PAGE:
A Message from the Director

AJ headshot 3Activities on the Humboldt State campus have slowed down for the summer, but we are still very busy here at SERC. The articles in this newsletter highlight some of our current activity. As Colin Sheppard’s article indicates, we have been engaged in analysis related to planning for plug-in electric vehicle (PEV) infrastructure development in Humboldt County. We are also working on a similar analysis for three other northern California counties and are exploring other project possibilities.  All of this work fits into SERC’s longstanding tradition of enabling expanded use of clean transportation technology in the U.S. and beyond.

In this issue we also describe two new biomass energy efforts at SERC. One of these projects, involving torrefaction technology, is motivated by a desire to reduce the cost of transporting biomass fuel from the forest to end-use sites. The second effort explores conversion of biomass-derived sugars into hydrogen, which can then be injected into engines to improve efficiency and reduce emissions. These projects represent important progress in SERC’s bio-energy research, and, in both cases, we are grateful for funding support from the California Energy Commission (CEC).  We will start additional bio-energy work soon on a $1.75M CEC-funded project involving collaboration with the Blue Lake Rancheria, Redwood Coast Energy Authority, and Ballard Power Systems.

We also remain busy on the international front. Our work with the World Bank Group’s Lighting Africa and Lighting Asia programs continues to involve laboratory, field, and policy activities. In the lab this summer, we are grateful to have participation by student assistants Melissa Lancaster and John Hunter. Recent activities have taken team members to Kenya, Tanzania, India, and Bangladesh. Additionally, last month I attended meetings hosted by the Global Off-Grid Lighting Association (GOGLA) in Munich, Germany on the sidelines of Intersolar-Europe. As reported in our last newsletter, we are also working on a feasibility analysis and design for solar powered mini-grids in India. Two members of our team, Richard Engel and Brendon Mendonça, traveled to India last month as part of this effort.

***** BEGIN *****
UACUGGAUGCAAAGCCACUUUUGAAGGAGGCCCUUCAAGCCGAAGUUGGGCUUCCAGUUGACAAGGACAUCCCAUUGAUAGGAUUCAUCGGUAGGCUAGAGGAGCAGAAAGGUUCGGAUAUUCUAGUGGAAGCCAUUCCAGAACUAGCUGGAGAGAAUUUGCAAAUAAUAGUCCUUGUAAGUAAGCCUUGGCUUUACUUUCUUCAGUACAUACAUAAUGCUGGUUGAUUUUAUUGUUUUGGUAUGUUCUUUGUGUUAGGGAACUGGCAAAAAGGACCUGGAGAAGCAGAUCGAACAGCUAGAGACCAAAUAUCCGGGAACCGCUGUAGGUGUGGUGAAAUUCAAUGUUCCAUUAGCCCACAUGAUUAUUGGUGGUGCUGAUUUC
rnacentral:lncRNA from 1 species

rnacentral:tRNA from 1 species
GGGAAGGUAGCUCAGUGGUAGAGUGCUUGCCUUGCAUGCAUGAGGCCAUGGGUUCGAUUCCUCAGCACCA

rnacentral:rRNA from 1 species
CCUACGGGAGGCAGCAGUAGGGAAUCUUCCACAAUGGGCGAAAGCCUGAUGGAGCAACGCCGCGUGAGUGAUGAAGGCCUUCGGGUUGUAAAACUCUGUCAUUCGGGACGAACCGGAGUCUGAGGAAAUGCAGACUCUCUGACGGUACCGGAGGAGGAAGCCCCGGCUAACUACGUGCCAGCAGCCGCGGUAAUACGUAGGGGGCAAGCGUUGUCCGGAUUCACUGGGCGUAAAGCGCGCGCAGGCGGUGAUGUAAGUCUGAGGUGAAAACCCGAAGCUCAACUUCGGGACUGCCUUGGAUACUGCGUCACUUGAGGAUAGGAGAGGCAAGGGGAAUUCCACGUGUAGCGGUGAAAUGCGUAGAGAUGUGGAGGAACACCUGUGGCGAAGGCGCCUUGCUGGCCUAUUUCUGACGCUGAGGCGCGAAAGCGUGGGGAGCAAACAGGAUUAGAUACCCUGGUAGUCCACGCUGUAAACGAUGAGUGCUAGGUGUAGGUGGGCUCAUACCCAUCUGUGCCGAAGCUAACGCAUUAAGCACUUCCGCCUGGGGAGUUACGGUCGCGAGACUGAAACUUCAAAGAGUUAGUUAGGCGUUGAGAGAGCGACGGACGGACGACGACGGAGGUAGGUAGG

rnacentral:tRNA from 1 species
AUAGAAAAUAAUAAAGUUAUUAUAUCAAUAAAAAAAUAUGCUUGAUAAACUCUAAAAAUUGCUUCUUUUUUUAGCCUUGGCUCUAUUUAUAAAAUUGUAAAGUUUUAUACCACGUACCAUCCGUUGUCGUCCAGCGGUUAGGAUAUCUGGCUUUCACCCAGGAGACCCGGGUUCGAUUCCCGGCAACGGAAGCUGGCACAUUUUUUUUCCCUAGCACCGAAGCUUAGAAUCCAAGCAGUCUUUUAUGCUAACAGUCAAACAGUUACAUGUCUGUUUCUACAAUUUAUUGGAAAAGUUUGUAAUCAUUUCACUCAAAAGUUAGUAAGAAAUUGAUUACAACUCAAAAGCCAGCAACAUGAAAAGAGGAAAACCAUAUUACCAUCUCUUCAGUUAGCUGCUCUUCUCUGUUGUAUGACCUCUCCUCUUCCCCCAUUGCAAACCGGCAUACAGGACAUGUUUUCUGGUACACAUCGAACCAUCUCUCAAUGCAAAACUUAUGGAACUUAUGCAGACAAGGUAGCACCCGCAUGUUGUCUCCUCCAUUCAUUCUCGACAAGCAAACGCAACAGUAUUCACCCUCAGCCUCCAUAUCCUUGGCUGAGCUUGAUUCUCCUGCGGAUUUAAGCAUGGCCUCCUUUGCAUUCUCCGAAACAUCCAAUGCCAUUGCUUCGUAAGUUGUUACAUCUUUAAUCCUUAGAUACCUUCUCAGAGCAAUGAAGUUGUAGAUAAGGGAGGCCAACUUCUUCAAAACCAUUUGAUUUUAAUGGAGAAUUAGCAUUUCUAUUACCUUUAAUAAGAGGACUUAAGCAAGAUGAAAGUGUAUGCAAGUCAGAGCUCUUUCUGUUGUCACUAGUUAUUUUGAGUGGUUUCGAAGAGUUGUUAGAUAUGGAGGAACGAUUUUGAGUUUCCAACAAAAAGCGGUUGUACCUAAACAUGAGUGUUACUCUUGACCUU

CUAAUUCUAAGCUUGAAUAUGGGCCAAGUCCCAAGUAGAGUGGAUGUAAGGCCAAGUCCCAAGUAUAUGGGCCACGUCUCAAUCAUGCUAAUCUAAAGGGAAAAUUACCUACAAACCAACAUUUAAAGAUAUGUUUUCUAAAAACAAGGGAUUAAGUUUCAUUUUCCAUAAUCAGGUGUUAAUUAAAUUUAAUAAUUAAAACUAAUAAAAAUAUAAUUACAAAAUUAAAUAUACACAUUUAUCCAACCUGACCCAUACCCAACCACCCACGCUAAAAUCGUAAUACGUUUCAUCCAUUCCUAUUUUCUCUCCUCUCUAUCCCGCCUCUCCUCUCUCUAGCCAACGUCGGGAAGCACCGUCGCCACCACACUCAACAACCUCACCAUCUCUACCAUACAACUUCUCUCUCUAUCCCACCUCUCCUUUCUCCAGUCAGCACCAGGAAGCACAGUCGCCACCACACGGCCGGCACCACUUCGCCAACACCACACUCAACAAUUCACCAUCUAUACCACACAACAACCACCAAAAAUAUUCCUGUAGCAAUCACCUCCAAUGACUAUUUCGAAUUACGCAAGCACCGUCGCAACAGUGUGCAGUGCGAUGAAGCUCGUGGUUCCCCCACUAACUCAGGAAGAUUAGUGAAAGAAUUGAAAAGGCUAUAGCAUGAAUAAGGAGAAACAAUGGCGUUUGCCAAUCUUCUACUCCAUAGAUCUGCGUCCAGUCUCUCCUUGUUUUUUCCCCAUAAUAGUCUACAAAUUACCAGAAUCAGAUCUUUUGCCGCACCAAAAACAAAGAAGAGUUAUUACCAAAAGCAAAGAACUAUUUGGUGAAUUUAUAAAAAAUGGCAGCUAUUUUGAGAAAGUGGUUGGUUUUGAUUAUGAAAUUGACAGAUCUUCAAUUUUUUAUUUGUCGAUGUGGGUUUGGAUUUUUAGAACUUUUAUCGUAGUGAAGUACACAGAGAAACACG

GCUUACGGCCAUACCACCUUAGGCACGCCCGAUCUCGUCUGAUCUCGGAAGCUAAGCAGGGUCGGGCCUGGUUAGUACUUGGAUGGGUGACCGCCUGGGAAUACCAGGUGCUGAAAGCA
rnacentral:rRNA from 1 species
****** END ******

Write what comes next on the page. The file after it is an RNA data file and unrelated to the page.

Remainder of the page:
Last but not least, we recently received good news related to the cost of education for some of our graduate students. Over the years, a number of graduate students from the Energy Technology and Policy (ETaP) and Environmental Resources Engineering (ERE) options of the Environmental Systems (ES) Graduate Program have worked at SERC. The ES Graduate Program was recently accepted by the Western Regional Graduate Program (WRGP), which means that students from eligible states will be able to attend HSU at a cost equivalent to the rate for California residents. This makes the ETaP and ERE graduate program options much more affordable for students from these states. This is great for SERC, as it will help us recruit talented students from western states such as Oregon, Washington, Colorado, Alaska, Hawaii, and others. More information is available on the ETaP and ERE graduate program websites. Goodbye until next time.